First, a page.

There comes a time in any writers life when he or she must do a bit of primer writing. Which is to say that we need to make introductions between our readers and the subject matter at hand. This is one of those occasions. It fell upon me to make this discussion after spending some time in the waiting room of my oncologist’s office. I was, as so many of us must, whiling away uncomfortably long moments while hoping my turn with the doctor would be nigh.
As I sat there, I was observing another waiting patient, who sat alone in a line of four chairs, occupying but one of them. Another patient came in, and seeing that there were a number of rows available with no one in them, immediately walked over and plopped himself down next to the man I was stealing glances at. The reaction to the intrusion was more than obvious; a lean away from the new arrival with a fleeting grimace across the face revealing increased discomfort. The interrupter leaned over towards the man, who leaned even farther away, and spoke loudly. “So, what’re you here for?” The man gently shrugged and mumbled quietly that he was seeing the doctor.
That was not sufficient information because the intruder continued: “Yeah? What for?”
The man’s eyes looked pleadingly about the waiting room as if to find someone who might come to his rescue. I gave it some thought, but decided it was more fun watching the tremendous breach of waiting room etiquette unfold. Unrescued, he cleared his throat and mumbled the word ‘cancer.’ Of course, this was not an answer which reached the fullness of the intruder’s desire to learn the intimate details of his victim’s medical woes. “Oh, yeah? So what’s on the old menu today? You gonna get an infusion? Find out how long you got? What’s up?”
“I’m getting a bone marrow biopsy done.” sighed the man. The resignation in his voice was heart rending. But not to the intruder.
“Holy Christ!” he thundered. “I had one of those. Jesus, they really hurt. The doc climbs on you like a stallion in heat and jams a needle the size of a jackhammer into the old hip. Man, you can hear it crunch as it penetrates the bone. Gonna be sore a few days, that’s for sure!”
The man looked at the intruder in horror, the blood rushing from his face, leaving him the approximate color of death. And not even warmed over. With widened eyes, he stood up with a jerk and took a stumbling walk to another group of chairs and took a seat, face in hands. That was the moment that it became incumbent on me to write a primer about waiting room manners.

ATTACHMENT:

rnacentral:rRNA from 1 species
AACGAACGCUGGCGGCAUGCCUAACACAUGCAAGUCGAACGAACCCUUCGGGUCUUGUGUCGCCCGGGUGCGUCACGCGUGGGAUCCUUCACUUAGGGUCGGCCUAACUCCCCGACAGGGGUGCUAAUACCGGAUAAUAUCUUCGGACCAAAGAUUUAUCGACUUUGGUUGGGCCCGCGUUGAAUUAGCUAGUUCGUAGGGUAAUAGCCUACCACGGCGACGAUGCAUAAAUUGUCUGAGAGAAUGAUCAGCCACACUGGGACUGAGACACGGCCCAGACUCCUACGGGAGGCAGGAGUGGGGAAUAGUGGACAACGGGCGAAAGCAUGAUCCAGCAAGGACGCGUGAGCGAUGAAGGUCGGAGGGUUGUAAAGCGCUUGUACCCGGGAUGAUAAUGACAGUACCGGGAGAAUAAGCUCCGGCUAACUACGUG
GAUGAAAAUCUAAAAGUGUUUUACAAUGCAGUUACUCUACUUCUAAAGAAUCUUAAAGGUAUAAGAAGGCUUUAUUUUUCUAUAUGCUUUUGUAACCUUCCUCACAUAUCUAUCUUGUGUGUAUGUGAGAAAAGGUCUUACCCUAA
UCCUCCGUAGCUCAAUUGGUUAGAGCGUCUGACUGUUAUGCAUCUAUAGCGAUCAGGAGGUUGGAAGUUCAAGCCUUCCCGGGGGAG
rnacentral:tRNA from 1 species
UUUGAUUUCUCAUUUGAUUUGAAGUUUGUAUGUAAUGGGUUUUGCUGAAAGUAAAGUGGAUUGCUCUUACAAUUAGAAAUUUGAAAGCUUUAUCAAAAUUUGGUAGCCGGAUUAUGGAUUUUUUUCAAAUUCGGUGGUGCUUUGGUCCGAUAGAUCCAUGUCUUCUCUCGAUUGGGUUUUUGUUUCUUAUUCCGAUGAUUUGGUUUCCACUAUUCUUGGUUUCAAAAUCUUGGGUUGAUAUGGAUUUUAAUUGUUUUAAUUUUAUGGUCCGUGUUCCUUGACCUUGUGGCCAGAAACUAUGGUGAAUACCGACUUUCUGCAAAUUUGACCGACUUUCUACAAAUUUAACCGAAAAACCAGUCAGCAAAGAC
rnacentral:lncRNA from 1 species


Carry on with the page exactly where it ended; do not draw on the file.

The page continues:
I crossed the room and took a seat next to the intruder. I looked at his rustic Pacific Northwest agricultural grunge attire. He was wearing a plaid flannel shirt that had seen better days, faded jeans even more weathered, their tattered hems covering the tops of scuffed tan work boots. “You’re gay, right?” I asked, smiling widely. “I knew it the minute I looked at you. I mean, I’m not gay myself, but no offense. We can’t all be of a stripe, if you get my meaning. But yeah, I knew it right off.” I nodded openly to myself as the intruder looked at me wide eyed and horrified.
“No, bud. I ain’t gay…”
“No? Wow. I could have sworn… but okay. I get it. Don’t ask, don’t tell, right?”
“No.” he said again, stammering. I could see in his face that he was wondering what caused me to reach my conclusion. I let my eyes rake him up and down. I lightly smirked in a display of obvious disbelief.
“Huh.” I said. “I really could have sworn…” I got up and waddle walked myself back to my original seat and hid behind my Kindle. My wife, who’d be sitting in the next seat was glaring at me, and made it a point to inconspicuously elbow me in the ribs. I was about to protest, but the nurse came out and called my name. I rose and did my spastic-like cripple’s walk to the examining room. As I went, feigning covertness, I hooked my thumb towards the intruder while looking at my wife –and then waggled my wrist. The intruder saw it and his eyes widened as I disappeared through the examining room door.
You see, there are some things that you do and don’t do in waiting rooms. Simple empathy is a primary tool in deciding what the conditions call for at any given moment. But it’s a pretty sure bet that prying into a stranger’s medical woes is proscribed, and even more so in the giving of horrific descriptions to impending procedures. On the whole, it’s best to enter a waiting room unobtrusively, and without communication. Unless, of course, someone already there gives you an inviting look, gestures towards the seat next to them and winks. Then again, if their gender matches your own then there’s high likelihood that they’re either gay or psychotic. Even if you decide the former, it’s best not to comment. To do so would be intrusive.